Thanks, too, Mom, for providing reproof to me for not posting on this site since I left the offices of Comics Buyer's Guide. Just yesterday (again!), I uncovered the manuscript for a proposed collection of her poetry. She was (in the terms of a George Price cartoon she had attached to the 20-gallon crock she used to make home brew) "a very remarkable woman" - and, I think, a compulsive, playful writer. In honor, then, of the folks who haven't seen posts from me in more than half a year (and who, giving up, may not see this, either), here's Mom's "No Word from Thee." (She guessed at the year of composition as 1938, not long after the time this photo was taken.)

When for a time I've had no word from thee,
Strange causeless fears my mind do oft oppress
And add a terror to my loneliness
From which no reasoning can set me free.
I fear that thou perhaps unwell may be
Or caught in trouble's grip; and then I guess
Thou findst in me some grievous faultiness:
Conscience and apprehension well agree.
     I know thy labors have enforced charm;
I know thine hours for letter writing few;
I'm sure thou hast not met with any harm.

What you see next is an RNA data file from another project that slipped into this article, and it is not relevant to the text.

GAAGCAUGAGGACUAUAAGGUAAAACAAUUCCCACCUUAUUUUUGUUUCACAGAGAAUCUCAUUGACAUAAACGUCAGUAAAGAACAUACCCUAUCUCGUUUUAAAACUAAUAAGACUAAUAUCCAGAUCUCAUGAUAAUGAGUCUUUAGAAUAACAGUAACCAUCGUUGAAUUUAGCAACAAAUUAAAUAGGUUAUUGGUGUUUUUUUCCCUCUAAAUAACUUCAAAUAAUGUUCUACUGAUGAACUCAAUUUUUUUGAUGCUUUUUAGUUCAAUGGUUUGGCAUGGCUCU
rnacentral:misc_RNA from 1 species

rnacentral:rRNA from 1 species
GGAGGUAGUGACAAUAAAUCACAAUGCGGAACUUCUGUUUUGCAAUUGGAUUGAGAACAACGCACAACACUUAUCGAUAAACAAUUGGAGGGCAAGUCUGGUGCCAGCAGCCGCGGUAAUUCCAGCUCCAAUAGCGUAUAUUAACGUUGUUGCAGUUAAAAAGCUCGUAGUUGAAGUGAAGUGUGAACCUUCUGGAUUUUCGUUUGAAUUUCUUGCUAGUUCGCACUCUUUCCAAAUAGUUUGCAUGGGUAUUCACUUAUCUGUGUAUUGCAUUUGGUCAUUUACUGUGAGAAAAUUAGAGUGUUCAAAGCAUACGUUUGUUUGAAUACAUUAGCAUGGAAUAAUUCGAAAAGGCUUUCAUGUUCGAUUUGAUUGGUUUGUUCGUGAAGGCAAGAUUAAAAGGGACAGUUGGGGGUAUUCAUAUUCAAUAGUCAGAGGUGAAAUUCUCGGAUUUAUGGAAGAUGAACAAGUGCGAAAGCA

Why should I fear? Knowing thy love is true,
I need not feel unwonted grave alarm.
--I know not why I should, and yet I do.


A Clean Office at Last!

Friday, January 11, 2013

Photo credit: Brent Frankenhoff

After 30 years!

Now, I begin to organize plans so as to get done many of the projects that have had to wait "until I have more time." It's exciting!


CBG Staff Released Neat Books in 2012

Thursday, January 10, 2013

As I look back over the years at Comics Buyer's Guide, I'm reminded that 2012 saw Brent Frankenhoff and me coming up with three books in addition to the 12 monthly issues of the magazine.

They are Comics Buyer's Guide Presents Dangerous Curves, Comics Buyer's Guide Presents the Greatest Comic Book Covers of All Time, and A Parent's Guide to the Best Kids' Comics. Each is fun, the first two basically being romps through the wonder world of comics images and the last being A New Concept.

A Parent's Guide to the Best Kids' Comics was my concept, born out of ongoing questions I've received in the past couple of years, questions that boiled down to, "What comics do you recommend for my kids to read?" I figured that what was needed was more than an article: It needed, not only recommendations, but samples of those recommendations so that adults and kids could see at a glance what looked good to them. And the recommendations needed to come from experts who knew that specific field, top to bottom. So I came up with the format - and we found top experts (Scott Robins and Snow Wildsmith) to provide the actual information. I see from the link I've just provided that the book is on sale at a whopping discount at the moment: a word to the wise.